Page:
Archive for December, 2010

Story of the Day for Saturday November 27, 2010

Small Enough to Win


God chose the weak of the world to shame the strong.

1 Corinthians 1:27



Napoleon, the great conqueror, sneered, “I observe that God is usually on the side of the strongest battalions.”

Maybe he shouldn’t have said that.

On Russia’s western border the town of Vilna (presently Vilnius of Lithuania) had a signpost.  As you traveled east it said, “Napoleon Bonaparte passed this way in 1812 with 410,000 men.”  As you turned west to leave town, it read, “Napoleon Bonaparte passed this way in 1812 with 9000 men.”

How could one of the world’s greatest military commanders lose virtually his entire fighting force?  Napoleon’s army did not encounter a fierce, superior army.  Instead, the main enemy was the snowflake.  Lots and lots of them.

A snowflake is so fragile and delicate. But when snowflakes band together – watch out. Napoleon knew how to conquer opposing armies, but he was not prepared to fight an army of snowflakes, and so he was forced to retreat from Russia and his once mighty army was destroyed.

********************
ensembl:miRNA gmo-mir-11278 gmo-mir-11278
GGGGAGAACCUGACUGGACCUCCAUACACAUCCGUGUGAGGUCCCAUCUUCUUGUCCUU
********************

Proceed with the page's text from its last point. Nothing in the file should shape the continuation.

God loves to take weak things and use them to conquer the strong. You shouldn’t think that he has something against those who are powerful or influential. It’s just that, as we grow in power and influence, we like to hog the credit for it. Once we are awed by our own sense of accomplishment, we inevitably lose a sense of dependence on the Lord. The most loving thing God could do for us when we enamored with ourselves is to humble us and teach us to depend on him. And, conversely, when God empowers the weak, he is providing us a powerful object lesson for the truth that all spiritual gain begins when we acknowledge our weakness and God’s strength to save.

Gideon complained when God told him to save Israel from the Midianites.  He offered the helpful reminder to the Lord that his tribe of Manasseh was the smallest in all Israel.

If Gideon only knew that God considered his tribe far too big! Gideon marshaled an army of 22,000 men, but the Lord told him, “You have too many men for me to deliver Midian into their hands.” Only when Gideon whittled his army down to 300 did God consider it small enough to win.

And, just to make sure Gideon understood how this all worked, God instructed them to wage war by making noise: blowing trumpets,  smashing clay pots, and hollering.